Alex Massie

The BBC and other Great British Anachronisms

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I suspect Rod Liddle's analysis of the BBC and, more especially still, the mentality of its top brass is acute and persuasive:

My suspicion is that it will become increasingly difficult to justify a license fee when the balance of the BBC’s output is tilted so far in favour of populism and ratings chasing. This is the point I made to Alan; that times have changed, the market has changed and that no matter how fine a “product” Radio Five, say, or Strictly might be, they can easily be done elsewhere.

You would have thought I’d suggested rogering his grandmother; there was an immediate bristling and a refusal to engage with the issue. Just a blanket denial that the corporation chases ratings, is stretching itself too thinly, etc etc. And a weird defensiveness; the suspicion that the interlocutor might be saying this sort of stuff because he’s in the pay of Murdoch and therefore wants the BBC destroyed. It’s the same, pretty much, with every BBC exec you talk to, a hostile absolutism based upon the philosophy that because the Daily Mail hates them, they must, de facto, be doing the right thing.

license fee

The BBC's problem is that it is both too expensive and too cheap. By trying to offer a "universal service" but being limited in how it can raise its money it all but cannot help disappointing large parts of its audience and, perhaps most especially, those parts of the audience who write for newspapers and those that never ever read a newspaper. The BBC aims to be a one-stop shop in the Age of Niche. That's a tough ask.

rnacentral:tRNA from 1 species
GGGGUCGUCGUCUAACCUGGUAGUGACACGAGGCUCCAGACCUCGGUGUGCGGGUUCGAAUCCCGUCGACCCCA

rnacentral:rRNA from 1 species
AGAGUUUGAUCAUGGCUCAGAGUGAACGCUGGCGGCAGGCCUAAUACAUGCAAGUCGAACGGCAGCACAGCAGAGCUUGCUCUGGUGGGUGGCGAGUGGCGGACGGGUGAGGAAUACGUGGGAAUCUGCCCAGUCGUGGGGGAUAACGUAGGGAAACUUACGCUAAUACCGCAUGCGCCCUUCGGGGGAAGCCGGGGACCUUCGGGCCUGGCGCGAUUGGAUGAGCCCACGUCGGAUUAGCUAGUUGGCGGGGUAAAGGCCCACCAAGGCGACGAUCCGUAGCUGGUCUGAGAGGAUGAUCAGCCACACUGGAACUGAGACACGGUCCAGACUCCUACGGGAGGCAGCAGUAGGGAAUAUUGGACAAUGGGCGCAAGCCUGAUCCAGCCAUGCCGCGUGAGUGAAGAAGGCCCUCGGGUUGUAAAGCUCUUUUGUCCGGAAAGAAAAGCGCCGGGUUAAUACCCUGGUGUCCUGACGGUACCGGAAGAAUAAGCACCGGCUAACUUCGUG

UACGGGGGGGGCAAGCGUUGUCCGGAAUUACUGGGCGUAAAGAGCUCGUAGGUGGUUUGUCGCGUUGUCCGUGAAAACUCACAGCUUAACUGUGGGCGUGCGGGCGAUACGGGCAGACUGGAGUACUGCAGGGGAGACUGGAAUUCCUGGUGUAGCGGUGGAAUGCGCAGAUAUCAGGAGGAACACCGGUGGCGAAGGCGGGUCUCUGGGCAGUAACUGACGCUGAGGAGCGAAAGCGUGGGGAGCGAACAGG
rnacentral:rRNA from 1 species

For all the hoopla about "saving" BBC6 (a little listened to radio station, you may need to be reminded) there's no real reason - apart from encouraging everyone to buy digital radios they don't need - for the station to exist. The same, apart from the digital radios bit, is true of any show hosted by Dale Winton.

All these things take money from what people actually want it to be spent on: better programmes. And better, of course, does not mean "more popular". Or not necessarily. But when people ask: why isn't the BBC like HBO they might remember that a) the BBC actually has taken part in quite a number* of co-productions with HBO and b) HBO costs about £120** a year. There's no comparison in terms of value. But if you want the BBC to produce more quality drama, you might need to change the BBC to a subscription service...

I don't know how you solve the BBC problem. It's a Great British Anachronism and hugely-flawed but better than what there might be in other circumstances and, on the whole, pretty cheap. Privatising it makes plenty of sense for any number of intellectual or ideological reasons; whether that would actually produce a better (though more equitable perhaps) service is a different matter. I'm not sure it would.

And so the BBC will probably muddle on, leaving almost everyone disgruntled with or infuriated by it but, in the end, doing just enough to survive more or less intact for a few more years while everyone wonders what to do about it.

UPDATE: Bagehot also has some good thoughts.

*From memory: Rome and Band of Brothers and maybe others.

**That doesn't include PPV boxing. That's £30 a pop extra.

Written byAlex Massie

Alex Massie is Scotland Editor of The Spectator. He also writes a column for The Times and is a regular contributor to the Scottish Daily Mail, The Scotsman and other publications.

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